Jeff Clawson, M.D.

Jeff Clawson, M.D.

Brett Patterson

Brett Patterson

Ask Doc

By Jeff Clawson, M.D. and Brett Patterson

Dr. Clawson:

I attended a Q Instructor Academy in October and I’m also a PDC software instructor. My (new) home agency is planning on implementing the Medical Protocols in spring, and I’d like to be ready for one question that’s going to come up.

In the past I’ve had an EMT or paramedic working dispatch wanting more justification for why certain questions appear in the Medical Protocols.

Recently, I was challenged on the Key Question (KQ): “Has the patient taken any drugs or medications in the past 12 hours?” One medic said, “We don’t care what meds the patient is on, we’ll find out when we get there.”

What’s the principal intent of asking the question? Is this information generally considered of value in other EMS systems?

Art Braunschweiger

Union County Police Department

Westfield, N.J., USA


I’ve asked Brett Patterson to help you with your question.

Dr. Clawson


Each question in the MPDS has at least one of four primary objectives. That particular ques- tion, as you correctly speculate, has to do with both responder information and, also, dispatch triage. I’ll address the latter first, understanding that the question does not ask the patient to list all medications, but rather were any drugs or medications taken within the last 12 hours.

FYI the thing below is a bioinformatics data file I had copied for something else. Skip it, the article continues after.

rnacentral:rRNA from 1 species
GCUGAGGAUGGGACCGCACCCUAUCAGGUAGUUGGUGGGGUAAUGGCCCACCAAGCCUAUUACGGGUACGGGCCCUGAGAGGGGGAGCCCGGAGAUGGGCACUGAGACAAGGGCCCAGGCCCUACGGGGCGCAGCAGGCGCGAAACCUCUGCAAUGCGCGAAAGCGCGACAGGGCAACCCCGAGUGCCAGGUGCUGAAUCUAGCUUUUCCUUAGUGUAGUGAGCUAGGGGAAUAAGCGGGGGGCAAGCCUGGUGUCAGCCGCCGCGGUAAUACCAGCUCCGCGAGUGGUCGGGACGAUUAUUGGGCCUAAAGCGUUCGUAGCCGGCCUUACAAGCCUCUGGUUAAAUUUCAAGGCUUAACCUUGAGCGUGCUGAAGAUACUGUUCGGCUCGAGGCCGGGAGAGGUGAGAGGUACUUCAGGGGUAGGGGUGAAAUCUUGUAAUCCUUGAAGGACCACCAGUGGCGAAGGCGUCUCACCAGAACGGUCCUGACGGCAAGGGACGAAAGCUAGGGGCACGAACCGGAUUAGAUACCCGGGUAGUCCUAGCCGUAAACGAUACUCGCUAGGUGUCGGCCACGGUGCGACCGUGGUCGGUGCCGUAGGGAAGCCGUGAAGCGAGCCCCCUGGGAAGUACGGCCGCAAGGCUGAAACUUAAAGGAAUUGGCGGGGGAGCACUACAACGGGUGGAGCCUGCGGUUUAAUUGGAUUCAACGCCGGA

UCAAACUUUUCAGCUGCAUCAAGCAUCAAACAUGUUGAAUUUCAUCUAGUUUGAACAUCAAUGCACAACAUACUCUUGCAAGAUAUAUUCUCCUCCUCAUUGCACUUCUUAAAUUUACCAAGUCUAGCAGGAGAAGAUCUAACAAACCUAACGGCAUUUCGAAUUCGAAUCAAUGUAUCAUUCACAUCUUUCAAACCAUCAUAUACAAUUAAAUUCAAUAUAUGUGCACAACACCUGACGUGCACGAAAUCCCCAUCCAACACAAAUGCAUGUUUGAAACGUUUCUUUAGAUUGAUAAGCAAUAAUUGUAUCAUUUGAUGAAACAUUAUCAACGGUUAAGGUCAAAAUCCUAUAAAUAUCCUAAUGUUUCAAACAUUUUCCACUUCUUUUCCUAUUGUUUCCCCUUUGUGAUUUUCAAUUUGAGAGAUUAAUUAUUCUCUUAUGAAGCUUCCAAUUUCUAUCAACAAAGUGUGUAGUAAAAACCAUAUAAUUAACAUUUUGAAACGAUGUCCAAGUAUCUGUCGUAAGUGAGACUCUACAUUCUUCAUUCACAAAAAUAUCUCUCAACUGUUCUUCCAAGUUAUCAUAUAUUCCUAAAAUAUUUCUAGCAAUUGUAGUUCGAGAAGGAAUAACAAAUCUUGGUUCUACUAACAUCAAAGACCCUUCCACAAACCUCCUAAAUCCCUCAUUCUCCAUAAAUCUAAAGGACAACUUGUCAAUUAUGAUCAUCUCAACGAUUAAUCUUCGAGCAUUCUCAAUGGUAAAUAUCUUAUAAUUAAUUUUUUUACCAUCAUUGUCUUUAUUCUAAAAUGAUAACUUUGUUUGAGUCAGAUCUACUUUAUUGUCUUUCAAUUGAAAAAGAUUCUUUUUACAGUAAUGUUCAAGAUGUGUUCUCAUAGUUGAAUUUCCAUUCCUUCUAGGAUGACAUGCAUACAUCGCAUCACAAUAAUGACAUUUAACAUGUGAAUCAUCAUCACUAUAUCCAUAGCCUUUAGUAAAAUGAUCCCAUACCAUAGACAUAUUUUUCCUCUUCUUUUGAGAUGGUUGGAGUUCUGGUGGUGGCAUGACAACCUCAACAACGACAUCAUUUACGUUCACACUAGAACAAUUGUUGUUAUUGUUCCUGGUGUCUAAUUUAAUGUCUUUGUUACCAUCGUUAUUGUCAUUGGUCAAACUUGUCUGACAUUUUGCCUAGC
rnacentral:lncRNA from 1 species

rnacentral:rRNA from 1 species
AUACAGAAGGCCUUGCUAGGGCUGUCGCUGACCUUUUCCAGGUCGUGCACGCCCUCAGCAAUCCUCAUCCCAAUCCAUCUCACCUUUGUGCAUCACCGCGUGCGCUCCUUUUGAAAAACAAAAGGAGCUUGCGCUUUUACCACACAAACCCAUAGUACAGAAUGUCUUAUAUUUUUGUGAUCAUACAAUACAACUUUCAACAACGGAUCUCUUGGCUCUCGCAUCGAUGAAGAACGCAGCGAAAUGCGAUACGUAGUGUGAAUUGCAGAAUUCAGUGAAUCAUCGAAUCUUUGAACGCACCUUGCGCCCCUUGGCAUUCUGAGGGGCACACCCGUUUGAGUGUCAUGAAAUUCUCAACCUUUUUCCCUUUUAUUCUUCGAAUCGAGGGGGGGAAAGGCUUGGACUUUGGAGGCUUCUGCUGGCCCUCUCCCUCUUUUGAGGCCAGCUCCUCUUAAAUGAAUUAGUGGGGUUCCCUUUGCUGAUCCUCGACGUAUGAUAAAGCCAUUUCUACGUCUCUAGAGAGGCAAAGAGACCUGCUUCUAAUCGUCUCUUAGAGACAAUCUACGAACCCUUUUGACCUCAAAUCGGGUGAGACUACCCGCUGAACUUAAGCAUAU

A patient under the age of 35 with chest pain and no other priority symptoms is not likely to be having a heart attack. However, the enzymes present in cocaine predispose people to ventricular arrhythmias, which is why cocaine was included in the CHARLIE level (patient needs ECG monitoring, at minimum).

If the chest pain patient has recently taken blood pressure or cardiac medications, especially nitroglycerin (NTG), this is useful information for the responder, especially diagnostically if multiple doses were taken; it may also explain on-scene blood pressure issues.

The medic you spoke with is assuming the patient will be able to speak for her/himself upon arrival. However, as we know, this is not always the case.

I have been a medic for over 30 years now and have had the privilege of teaching EMD to many medics and EMTs. I have learned that opinions vary. I would encourage you to conduct an experiment. Ask your EMT and paramedic students to write down the information they would like to have before arrival for both medical and trauma patients. My experience has been that these opinions vary greatly, and are based on experience. The MPDS attempts to provide the Four Commandments, any relevant safety information, and a very brief recent past history via Key Questioning. While this may be too much or too little for some, it really does satisfy most, once the method and rationale are understood.

Brett Patterson

IAED Academics & Standards Associate

Medical Council of Standards Chair